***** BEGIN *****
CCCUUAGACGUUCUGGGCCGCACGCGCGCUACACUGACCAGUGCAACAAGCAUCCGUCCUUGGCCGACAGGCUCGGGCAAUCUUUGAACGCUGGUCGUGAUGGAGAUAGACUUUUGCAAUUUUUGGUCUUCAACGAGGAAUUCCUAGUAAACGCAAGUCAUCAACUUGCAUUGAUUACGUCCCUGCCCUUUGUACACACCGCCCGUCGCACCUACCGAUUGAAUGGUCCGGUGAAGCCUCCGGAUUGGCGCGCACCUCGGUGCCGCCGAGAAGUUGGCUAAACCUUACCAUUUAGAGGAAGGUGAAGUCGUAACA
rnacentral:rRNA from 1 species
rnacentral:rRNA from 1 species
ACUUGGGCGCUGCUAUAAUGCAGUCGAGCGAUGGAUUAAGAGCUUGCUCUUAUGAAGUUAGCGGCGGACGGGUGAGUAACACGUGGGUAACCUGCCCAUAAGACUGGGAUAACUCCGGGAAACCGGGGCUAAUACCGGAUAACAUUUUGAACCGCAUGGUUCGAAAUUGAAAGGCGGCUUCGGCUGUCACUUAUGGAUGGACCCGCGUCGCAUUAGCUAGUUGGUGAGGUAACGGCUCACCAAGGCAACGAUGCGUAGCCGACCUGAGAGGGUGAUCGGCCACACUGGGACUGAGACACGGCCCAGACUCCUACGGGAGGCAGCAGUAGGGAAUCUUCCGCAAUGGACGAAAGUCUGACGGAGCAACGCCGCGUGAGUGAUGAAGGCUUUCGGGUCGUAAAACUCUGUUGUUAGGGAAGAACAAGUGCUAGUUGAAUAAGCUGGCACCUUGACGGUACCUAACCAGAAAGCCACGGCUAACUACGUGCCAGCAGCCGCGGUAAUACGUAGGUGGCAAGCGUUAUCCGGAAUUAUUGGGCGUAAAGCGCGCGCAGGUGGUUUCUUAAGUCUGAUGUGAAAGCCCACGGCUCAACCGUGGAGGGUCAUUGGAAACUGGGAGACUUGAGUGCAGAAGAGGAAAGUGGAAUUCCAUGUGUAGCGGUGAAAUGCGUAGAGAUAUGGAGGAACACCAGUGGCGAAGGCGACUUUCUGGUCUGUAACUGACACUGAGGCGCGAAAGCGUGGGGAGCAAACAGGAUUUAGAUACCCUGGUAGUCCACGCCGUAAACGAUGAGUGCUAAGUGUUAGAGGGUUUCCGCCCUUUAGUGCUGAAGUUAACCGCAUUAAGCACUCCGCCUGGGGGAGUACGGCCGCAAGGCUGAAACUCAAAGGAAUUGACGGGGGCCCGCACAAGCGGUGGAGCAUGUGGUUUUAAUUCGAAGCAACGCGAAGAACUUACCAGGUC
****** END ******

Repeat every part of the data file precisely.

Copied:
CCCUUAGACGUUCUGGGCCGCACGCGCGCUACACUGACCAGUGCAACAAGCAUCCGUCCUUGGCCGACAGGCUCGGGCAAUCUUUGAACGCUGGUCGUGAUGGAGAUAGACUUUUGCAAUUUUUGGUCUUCAACGAGGAAUUCCUAGUAAACGCAAGUCAUCAACUUGCAUUGAUUACGUCCCUGCCCUUUGUACACACCGCCCGUCGCACCUACCGAUUGAAUGGUCCGGUGAAGCCUCCGGAUUGGCGCGCACCUCGGUGCCGCCGAGAAGUUGGCUAAACCUUACCAUUUAGAGGAAGGUGAAGUCGUAACA
rnacentral:rRNA from 1 species
rnacentral:rRNA from 1 species
ACUUGGGCGCUGCUAUAAUGCAGUCGAGCGAUGGAUUAAGAGCUUGCUCUUAUGAAGUUAGCGGCGGACGGGUGAGUAACACGUGGGUAACCUGCCCAUAAGACUGGGAUAACUCCGGGAAACCGGGGCUAAUACCGGAUAACAUUUUGAACCGCAUGGUUCGAAAUUGAAAGGCGGCUUCGGCUGUCACUUAUGGAUGGACCCGCGUCGCAUUAGCUAGUUGGUGAGGUAACGGCUCACCAAGGCAACGAUGCGUAGCCGACCUGAGAGGGUGAUCGGCCACACUGGGACUGAGACACGGCCCAGACUCCUACGGGAGGCAGCAGUAGGGAAUCUUCCGCAAUGGACGAAAGUCUGACGGAGCAACGCCGCGUGAGUGAUGAAGGCUUUCGGGUCGUAAAACUCUGUUGUUAGGGAAGAACAAGUGCUAGUUGAAUAAGCUGGCACCUUGACGGUACCUAACCAGAAAGCCACGGCUAACUACGUGCCAGCAGCCGCGGUAAUACGUAGGUGGCAAGCGUUAUCCGGAAUUAUUGGGCGUAAAGCGCGCGCAGGUGGUUUCUUAAGUCUGAUGUGAAAGCCCACGGCUCAACCGUGGAGGGUCAUUGGAAACUGGGAGACUUGAGUGCAGAAGAGGAAAGUGGAAUUCCAUGUGUAGCGGUGAAAUGCGUAGAGAUAUGGAGGAACACCAGUGGCGAAGGCGACUUUCUGGUCUGUAACUGACACUGAGGCGCGAAAGCGUGGGGAGCAAACAGGAUUUAGAUACCCUGGUAGUCCACGCCGUAAACGAUGAGUGCUAAGUGUUAGAGGGUUUCCGCCCUUUAGUGCUGAAGUUAACCGCAUUAAGCACUCCGCCUGGGGGAGUACGGCCGCAAGGCUGAAACUCAAAGGAAUUGACGGGGGCCCGCACAAGCGGUGGAGCAUGUGGUUUUAAUUCGAAGCAACGCGAAGAACUUACCAGGUC